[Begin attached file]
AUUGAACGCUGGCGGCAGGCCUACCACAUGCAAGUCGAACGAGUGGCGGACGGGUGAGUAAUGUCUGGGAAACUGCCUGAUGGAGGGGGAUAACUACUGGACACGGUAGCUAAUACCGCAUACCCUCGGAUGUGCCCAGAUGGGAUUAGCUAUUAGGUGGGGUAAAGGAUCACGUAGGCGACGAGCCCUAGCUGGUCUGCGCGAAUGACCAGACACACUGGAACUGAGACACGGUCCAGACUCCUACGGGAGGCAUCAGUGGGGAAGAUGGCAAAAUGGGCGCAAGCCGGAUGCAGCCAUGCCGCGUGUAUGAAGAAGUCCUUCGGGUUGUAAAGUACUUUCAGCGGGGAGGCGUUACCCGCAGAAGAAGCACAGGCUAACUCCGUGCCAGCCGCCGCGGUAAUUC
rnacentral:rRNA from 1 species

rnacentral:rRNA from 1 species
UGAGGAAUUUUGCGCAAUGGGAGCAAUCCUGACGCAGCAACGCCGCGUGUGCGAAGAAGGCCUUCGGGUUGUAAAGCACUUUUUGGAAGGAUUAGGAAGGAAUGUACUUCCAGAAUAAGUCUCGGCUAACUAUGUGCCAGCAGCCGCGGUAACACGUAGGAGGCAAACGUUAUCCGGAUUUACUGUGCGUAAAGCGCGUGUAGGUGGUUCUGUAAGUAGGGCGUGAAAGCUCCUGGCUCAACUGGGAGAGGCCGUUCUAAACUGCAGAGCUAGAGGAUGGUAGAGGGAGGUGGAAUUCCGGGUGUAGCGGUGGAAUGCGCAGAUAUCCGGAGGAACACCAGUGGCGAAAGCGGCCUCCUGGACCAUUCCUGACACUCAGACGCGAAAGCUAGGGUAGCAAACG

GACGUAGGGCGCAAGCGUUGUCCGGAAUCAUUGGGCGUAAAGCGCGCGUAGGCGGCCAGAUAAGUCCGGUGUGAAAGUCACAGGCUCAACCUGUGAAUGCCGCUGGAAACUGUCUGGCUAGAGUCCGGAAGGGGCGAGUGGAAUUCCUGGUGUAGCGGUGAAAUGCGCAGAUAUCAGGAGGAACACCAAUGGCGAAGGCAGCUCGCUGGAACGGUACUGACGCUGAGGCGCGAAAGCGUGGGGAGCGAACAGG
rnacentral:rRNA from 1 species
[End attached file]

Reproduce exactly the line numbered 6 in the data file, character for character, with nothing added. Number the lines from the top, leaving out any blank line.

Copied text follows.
rnacentral:rRNA from 1 species